Albin Larsson: Blog

Culture, Climate, and Code

New York Times Sudoku Scraper

12th May 2023

You get home late and go to bed only to find that you missed the New York Times’ daily sudoku puzzle? Maybe you skip the puzzle one day? Or maybe you just want to play it in an app of your choise.

I just wrote a basic script, which uses Regular Expressions to extract the puzzle from the New York Times website. I’m particularly fond of how it parses the JavaScript game data as JSON, who knows how long it will last. Combined with a sheduled Github Action’s workflow and a little bit of Git scraping it should pull the hard pussle each day and store it in a .sdk file.

The script is available on Github and hopefully it will build up a nice Sudoku archive over time. Now I just need to make it easier to load custom games into GNOME Sudoku.

Quick Links in Django Admin

12th January 2023

Whenever you are viewing a model-page in Django’s admin-interface there is a sidebar to the left giving you quick access to other models:

Screenshot of the default sidebar on a model page.

This sidebar, however, isn’t utilized on the start/index page. By enabeling the sidebar we can get space for various types of shortcuts and links that can be useful to admins. The sidebar will also fit right into Django’s structure and style.

Screenshot of a sidebar with quick links on Django's admin index.

By creating templates/admin/index.html in our ocal project we can override the default admin index from Django an replace it with our own. Because the default page contains the template block hosting the navbar, even through it’s unused we can extend the existing Django’s template and reuse the pattern/semantics used by the sidebar eslewhere.

Here is an example creating two sidebar sections with two links each:

{% extends "admin/index.html" %}

{% block nav-sidebar %}
{% load i18n %}
<button class="sticky toggle-nav-sidebar" id="toggle-nav-sidebar" aria-label="{% translate 'Toggle navigation' %}"></button>
<nav class="sticky" id="nav-sidebar">
    <input type="search" id="nav-filter"
         placeholder="{% translate 'Start typing to filter…' %}"
         aria-label="{% translate 'Filter navigation items' %}">
    <div class="module">
                <th scope="row"><a href="#">Email</a></th>
                <th scope="row"><a href="#">Report Bug</a></th>
    <div class="module">
                <th scope="row"><a href="#">Repository</a></th>
                <th scope="row"><a href="#">Backlog</a></th>
{% endblock %}

Python Dependencies and Flatpak

7th November 2022

I’m learning how to create responsive Gnome applications with Python, GTK4, and Flatpak. One of the early issues I ran into after I generated a new Python project using Gnome Builder’s built in template was how to make Python dependencies from the Python package index aviable to my app.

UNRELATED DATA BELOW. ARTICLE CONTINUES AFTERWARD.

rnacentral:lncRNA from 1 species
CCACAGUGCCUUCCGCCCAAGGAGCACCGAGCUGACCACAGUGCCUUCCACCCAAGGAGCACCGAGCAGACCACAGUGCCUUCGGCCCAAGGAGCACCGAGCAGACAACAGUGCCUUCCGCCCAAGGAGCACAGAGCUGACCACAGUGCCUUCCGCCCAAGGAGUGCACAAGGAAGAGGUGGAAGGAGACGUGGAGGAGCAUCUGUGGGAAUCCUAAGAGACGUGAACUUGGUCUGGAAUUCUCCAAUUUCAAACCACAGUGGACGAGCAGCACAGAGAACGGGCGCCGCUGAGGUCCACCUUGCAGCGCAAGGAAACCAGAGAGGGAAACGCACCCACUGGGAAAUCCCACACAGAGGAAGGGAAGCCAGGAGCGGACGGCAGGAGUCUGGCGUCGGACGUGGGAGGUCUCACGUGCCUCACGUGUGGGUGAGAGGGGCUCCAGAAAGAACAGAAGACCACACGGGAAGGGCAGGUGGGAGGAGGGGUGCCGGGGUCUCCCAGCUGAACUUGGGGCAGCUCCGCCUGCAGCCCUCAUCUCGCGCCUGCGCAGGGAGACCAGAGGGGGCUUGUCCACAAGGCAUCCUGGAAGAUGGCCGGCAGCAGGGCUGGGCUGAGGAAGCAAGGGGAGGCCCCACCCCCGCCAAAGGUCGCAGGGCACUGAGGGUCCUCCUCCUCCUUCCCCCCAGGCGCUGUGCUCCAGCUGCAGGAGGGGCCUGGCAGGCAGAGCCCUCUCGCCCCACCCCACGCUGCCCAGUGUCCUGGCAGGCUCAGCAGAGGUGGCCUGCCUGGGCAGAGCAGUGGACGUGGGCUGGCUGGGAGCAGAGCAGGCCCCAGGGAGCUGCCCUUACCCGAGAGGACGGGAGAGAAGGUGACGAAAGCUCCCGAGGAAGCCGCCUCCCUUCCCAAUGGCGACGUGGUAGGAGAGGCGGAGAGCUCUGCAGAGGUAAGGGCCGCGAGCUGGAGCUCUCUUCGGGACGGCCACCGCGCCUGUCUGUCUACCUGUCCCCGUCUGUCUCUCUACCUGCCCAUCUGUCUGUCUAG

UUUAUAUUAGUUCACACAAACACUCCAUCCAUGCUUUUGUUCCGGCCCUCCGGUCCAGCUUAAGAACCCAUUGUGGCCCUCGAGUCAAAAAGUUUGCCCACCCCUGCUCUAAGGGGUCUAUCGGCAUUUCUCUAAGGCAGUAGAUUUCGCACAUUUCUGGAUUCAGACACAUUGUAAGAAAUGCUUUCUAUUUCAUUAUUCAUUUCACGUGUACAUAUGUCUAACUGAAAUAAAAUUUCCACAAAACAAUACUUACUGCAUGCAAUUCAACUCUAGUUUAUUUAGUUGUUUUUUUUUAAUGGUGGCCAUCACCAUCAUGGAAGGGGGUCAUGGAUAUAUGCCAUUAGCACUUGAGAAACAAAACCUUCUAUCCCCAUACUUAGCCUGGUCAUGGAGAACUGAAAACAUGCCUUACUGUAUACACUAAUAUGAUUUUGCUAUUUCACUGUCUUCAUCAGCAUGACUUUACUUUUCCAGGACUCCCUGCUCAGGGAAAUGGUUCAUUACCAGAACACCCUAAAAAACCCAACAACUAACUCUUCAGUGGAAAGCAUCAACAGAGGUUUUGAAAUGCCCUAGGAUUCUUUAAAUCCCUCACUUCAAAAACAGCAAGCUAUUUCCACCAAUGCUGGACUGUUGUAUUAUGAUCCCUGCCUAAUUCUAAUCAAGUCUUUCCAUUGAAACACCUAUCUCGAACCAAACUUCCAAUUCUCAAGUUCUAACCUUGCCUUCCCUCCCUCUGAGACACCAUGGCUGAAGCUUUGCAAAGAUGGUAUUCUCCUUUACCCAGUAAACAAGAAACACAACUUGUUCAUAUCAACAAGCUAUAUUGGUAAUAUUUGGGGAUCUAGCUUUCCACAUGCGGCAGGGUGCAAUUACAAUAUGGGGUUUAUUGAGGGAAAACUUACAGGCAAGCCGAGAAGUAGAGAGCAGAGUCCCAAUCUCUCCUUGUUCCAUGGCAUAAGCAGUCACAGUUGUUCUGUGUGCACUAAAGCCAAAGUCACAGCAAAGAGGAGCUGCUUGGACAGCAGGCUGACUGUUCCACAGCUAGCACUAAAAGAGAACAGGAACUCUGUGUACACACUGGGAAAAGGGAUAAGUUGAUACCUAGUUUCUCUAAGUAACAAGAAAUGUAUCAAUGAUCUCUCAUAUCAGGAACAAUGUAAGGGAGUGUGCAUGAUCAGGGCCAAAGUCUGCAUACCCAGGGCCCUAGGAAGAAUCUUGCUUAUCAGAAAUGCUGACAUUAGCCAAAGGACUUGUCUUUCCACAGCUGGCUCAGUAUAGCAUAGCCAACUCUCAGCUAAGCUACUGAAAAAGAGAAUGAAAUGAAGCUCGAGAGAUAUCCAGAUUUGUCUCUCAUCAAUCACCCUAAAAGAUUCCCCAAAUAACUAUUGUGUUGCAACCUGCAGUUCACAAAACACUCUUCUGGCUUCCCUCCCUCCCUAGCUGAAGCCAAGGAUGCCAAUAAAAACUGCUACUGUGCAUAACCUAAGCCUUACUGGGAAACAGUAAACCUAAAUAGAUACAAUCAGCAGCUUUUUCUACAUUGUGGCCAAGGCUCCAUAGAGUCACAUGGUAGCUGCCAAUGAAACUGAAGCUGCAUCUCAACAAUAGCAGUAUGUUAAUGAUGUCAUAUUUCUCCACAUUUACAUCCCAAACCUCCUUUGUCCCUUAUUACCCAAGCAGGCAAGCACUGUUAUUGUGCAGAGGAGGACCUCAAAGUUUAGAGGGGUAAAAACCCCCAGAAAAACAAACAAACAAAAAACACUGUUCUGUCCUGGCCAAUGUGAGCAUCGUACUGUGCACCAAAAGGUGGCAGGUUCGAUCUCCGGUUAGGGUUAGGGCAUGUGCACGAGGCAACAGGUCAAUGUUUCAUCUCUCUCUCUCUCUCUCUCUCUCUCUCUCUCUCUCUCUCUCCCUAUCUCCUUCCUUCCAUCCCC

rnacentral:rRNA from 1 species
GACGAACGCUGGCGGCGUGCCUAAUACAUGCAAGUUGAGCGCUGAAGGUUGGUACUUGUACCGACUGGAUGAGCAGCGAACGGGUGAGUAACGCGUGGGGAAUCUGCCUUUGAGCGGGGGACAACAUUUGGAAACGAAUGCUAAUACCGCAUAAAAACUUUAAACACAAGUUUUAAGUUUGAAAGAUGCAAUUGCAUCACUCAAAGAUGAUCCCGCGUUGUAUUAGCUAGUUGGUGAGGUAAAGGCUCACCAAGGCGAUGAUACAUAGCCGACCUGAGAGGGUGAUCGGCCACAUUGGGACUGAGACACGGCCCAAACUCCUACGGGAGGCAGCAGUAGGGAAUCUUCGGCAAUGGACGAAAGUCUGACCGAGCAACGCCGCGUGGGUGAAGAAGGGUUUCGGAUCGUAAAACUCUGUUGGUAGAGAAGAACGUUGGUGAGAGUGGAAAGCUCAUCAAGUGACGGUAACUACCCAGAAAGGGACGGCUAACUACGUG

I’m currently lacking a good resource describing the solution for my development log, so here is my take.


If you generated your project using Gnome Builder, you likley have a JSON file in the root of your project directory it bears the name of your application identifier. This file, it turns out, is called a Flatpak mainfest.

It contains a section called “modules” which in my case is an array containing a single object(module for the application itself). This array, however, does not only take objects. It also takes strings/paths to other manifests.

For each of one’s PIP dependecies we need a module definations. Once generated, module sections might remind you of lock-files. It would be cubersome to create these “manually” or induvidually. So there is a “Flatpak PIP Generator” script that among, other things, that can generate these module definations given a requirements.txt file.

Put the flatpak-pip-generator script in the root of your project(you might want to add it to your .gitignore). Then create a requirements.txt file containing all your direct dependecies and then run:

./flatpak-pip-generator -r requirements.txt -o python-deps

The above should have generated a Flatpak manifest file named python-deps.json in the root of your project, containing one module defination for each dependency.

In the “modules” section in the initial Flatpak maifest one can then add a new entry python-deps.json. Now your app should build and run with all the dependecies avaible. If it dosn’t run make sure you clean and rebuild the project as the module configs might be cached.

Final notes

Here are some of the resources that I used while tinkering with the above: Flatpak documentation, a StackOverflow question and a Gnome Discourse question.

Incognito User Agents

16th October 2022

User Agent spoofing isn’t news and is necessary for many Internet users. Today, however, I noticed something I hadn’t earlier. User Agent spoofing causing analytics and security services to report the wrong operating system and browser altogether.

I logged into Twitter from GNOME Web on a PostmarketOS device, and the login notice I received a while later told me I had logged in from an Android device using Google Chrome.

Mozilla/5.0 (Linux;Android 10; Pixel) AppleWebKit/537.36 (KHTML, like Gecko) Chrome/83.0.4103.96 Mobile Safari/537.36

It turns out that GNOME Web doesn’t expose Linux distro or what browser I’m using by default. That’s all good, as it reduces the ability for webpages to successfully sniff user agents in the first place. Tor Browser and others uses this approach for improved privacy.

I can’t resist wondering to what extent this cements the notion of Chrome and Edge having all of the browser market. Possibly not so much as my case is a very uncommon one. It’s still interesting to think about.

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